However, the discovery of water contamination at Camp Lejeune isn’t a new development. This guide will cover the general history of the topic, as well as providing information to victims and their families regarding how they may potentially seek compensation if they developed illnesses as a result of being stationed, working, or living at the site.
Water Contamination at Camp Lejeune: A Timeline
Marine Corps Base Camp Lejeune in Jacksonville, North Carolina, is a military training facility that’s been in use since 1941. Unfortunately, we now know that between the years of 1957 and 1987, those stationed at Camp Lejeune (along with their families who lived with them, and others who worked at the facility) may have consumed or been exposed to toxins in their drinking water.
Major developments in the history of Camp Lejeune’s water contamination include:
- 1980-82: Water sources at Camp Lejeune had been contaminated for decades before officials first became aware of said contamination. Between the years of 1980 and 1982, the Marine Corps took samples of Camp Lejeune’s drinking water to test it for the presence of chemicals. These tests were conducted in accordance with EPA standards. Initial tests revealed evidence suggesting the presence of chemicals that interfered with test results. Further testing revealed the water contained high levels of certain harmful chemicals and compounds.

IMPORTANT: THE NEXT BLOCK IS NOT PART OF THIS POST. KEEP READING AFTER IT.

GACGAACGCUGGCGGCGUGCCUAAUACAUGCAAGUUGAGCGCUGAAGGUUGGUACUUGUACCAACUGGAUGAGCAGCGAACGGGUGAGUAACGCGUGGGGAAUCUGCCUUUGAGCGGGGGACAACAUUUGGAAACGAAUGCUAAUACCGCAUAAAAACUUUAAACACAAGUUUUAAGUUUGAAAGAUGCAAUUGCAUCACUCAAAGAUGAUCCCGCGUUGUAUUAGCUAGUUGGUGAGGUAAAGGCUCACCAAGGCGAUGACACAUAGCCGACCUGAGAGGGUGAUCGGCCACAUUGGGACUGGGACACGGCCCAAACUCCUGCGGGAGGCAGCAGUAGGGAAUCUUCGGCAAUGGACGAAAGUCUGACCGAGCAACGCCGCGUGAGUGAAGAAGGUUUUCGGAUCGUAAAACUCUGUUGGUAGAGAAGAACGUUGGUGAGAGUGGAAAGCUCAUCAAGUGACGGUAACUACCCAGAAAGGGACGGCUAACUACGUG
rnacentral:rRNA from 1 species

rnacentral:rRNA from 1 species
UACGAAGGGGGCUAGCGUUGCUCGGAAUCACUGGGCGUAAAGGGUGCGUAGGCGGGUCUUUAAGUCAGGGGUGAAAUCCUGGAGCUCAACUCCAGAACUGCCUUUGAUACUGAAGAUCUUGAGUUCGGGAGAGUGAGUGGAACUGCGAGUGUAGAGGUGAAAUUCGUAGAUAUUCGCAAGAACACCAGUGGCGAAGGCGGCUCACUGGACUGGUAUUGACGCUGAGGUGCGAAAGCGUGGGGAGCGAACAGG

- 1982-84: The results of the tests conducted between 1980 and 1982 told the Marine Corps that drinking water at Camp Lejeune was contaminated. They did not provide information about the full extent of the contamination. Thus, between the years of 1982 and 1984, the Navy was tasked with investigating the matter.
- 1985-87: After the Navy conducted its investigation, the federal government initiated the process of shutting down the most contaminated water sources at Camp Lejeune. This was a complex process that lasted through 1987.
- 1990: The Marine Corps had been aware of water contamination at Camp Lejeune for nearly a decade by 1990. However, it wasn’t until 1990 that the Marine Corps began informing those who may have been affected by said contamination of its findings.
Since 1990, various lawsuits have been filed, bringing further attention to the issue of Camp Lejeune’s water contamination. The passage of the Camp Lejeune Justice Act last August has finally established a standardized method for victims and their families to seek compensation for medical bills and other such losses they may have incurred due to health issues arising as a result of drinking or otherwise being exposed to the toxic water.